I am with the Highest Esteem Yr Obedient Servant
[signed] WSC
There was no Speech to day. But the jst of it is supposd for a Continuance of the War—that Cornwallis success shews what may be done by vigorous exertions—very Complimentary to that Genl.—assuring that the money which may be granted will be properly applyd &c. &c. &c.—
C. W. Cornwall chosen Speaker by a Majority of 31 votes5  
for Cornwall   234  
for Sr. Fletcher Norton   203  
  31  
1. This paragraph is a summary of reports appearing in the London newspapers since Digges' letter of 27 Oct. (above).
2. George III opened Parliament on 1 Nov. ( Parliamentary Hist. , 21:808–810). The content and tone of his speech did not differ substantially from the preview provided by Digges in his postscript to this letter.
3. This was William Jones, a distinguished British lawyer and opponent of the war in America ( DNB ). From mid-September to mid-October, he and John Paradise had visited Benjamin Franklin at Paris (Archibald B. Shepperson, John Paradise and Lucy Ludwell of London and Williamsburg, Richmond, Va., 1942, p. 149–152).
4. The law to which Digges refers is 17 Geo. 3, c. 9, which suspended the right to a writ of habeas corpus with regard to all those charged with and arrested for treasonous activities in the American colonies. The act was adopted in Feb. 1777 and was originally intended to expire on 1 Jan. 1778. In Dec. 1777 it was extended for the duration of the war. Digges' reference to it being in force only to 1 Jan. 1780 was presumably an inadvertence. During the parliamentary debates over both the bill's original passage and its extension, the case of Ebenezer Smith Platt, a Savannah merchant, was cited by those opposing the suspension of habeas corpus ( Parliamentary Hist. , 19:3–53, 461–466, 560–562). For an ac• { 316 } count of Platt's ordeal, from his arrest in 1776 through his release in 1778, see his letter of 21 April 1778 to the Commissioners (vol. 6:44–46).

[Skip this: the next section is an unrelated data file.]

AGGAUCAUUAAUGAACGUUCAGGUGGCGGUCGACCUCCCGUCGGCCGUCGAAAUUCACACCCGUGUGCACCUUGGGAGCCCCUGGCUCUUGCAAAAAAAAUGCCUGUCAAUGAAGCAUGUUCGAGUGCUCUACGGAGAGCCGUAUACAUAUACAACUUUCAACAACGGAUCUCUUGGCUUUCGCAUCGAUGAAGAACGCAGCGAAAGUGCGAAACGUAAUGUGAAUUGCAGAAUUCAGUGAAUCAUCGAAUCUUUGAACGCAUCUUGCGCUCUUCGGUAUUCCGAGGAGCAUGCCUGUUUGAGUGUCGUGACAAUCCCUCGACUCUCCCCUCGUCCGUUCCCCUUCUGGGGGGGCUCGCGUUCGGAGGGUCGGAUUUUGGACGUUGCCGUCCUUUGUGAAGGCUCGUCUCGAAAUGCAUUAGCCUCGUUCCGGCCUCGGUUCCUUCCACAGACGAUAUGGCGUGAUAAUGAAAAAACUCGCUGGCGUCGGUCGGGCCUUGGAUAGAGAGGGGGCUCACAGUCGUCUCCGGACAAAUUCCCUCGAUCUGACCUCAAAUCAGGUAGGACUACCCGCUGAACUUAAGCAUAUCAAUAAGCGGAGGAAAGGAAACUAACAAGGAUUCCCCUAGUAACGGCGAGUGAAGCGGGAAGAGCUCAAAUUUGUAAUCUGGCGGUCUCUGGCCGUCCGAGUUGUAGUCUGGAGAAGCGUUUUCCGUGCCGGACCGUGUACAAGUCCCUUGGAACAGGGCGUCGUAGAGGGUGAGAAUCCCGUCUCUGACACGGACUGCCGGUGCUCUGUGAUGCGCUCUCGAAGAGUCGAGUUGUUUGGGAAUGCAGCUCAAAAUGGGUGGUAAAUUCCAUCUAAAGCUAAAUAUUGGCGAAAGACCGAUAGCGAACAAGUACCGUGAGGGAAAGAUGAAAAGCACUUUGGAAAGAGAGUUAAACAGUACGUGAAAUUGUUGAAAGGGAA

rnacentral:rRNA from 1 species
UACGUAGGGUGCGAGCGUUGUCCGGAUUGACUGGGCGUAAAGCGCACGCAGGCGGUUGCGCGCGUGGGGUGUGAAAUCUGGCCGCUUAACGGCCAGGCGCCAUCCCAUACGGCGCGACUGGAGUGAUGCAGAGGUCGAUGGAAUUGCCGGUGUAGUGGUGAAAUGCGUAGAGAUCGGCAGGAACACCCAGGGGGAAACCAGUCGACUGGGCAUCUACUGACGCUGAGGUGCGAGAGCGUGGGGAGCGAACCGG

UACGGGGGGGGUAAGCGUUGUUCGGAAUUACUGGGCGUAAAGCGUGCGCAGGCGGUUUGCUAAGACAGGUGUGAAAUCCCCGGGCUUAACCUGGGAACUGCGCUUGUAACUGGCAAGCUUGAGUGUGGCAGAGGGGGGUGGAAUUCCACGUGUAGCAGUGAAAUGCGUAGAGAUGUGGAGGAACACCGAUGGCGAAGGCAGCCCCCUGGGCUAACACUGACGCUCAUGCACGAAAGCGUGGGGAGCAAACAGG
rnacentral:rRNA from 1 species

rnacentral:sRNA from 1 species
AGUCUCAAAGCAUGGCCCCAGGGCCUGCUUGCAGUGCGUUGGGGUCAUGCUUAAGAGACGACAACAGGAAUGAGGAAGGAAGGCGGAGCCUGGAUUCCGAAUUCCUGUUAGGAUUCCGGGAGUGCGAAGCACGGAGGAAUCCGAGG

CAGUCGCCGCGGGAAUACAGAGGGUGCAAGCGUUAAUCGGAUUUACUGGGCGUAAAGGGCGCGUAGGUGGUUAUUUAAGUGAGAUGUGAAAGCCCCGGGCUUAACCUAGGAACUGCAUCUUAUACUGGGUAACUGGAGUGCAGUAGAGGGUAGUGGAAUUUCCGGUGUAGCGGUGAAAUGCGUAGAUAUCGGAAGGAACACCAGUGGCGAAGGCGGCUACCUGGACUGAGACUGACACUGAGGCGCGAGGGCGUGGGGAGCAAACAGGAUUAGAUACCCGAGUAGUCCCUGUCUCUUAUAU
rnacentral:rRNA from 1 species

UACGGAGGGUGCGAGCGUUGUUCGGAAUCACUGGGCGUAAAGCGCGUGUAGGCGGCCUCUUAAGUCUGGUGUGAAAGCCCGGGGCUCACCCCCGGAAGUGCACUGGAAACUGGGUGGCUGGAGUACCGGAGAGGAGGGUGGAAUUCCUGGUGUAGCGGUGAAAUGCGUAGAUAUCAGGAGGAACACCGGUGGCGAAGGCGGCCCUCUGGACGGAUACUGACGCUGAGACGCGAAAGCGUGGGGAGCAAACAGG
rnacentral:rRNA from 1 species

5. For the actions of Sir Fletcher Norton, the former Speaker of the House of Commons, that led the North ministry to replace him with Charles Wolfran Cornwall, see Thomas Digges' letter of 14 April, note 7 (above). Digges' figures, however, are wrong; Cornwall received 203 votes to Norton's 134, thus giving him a majority of 69 votes ( Parliamentary Hist. , 21:807).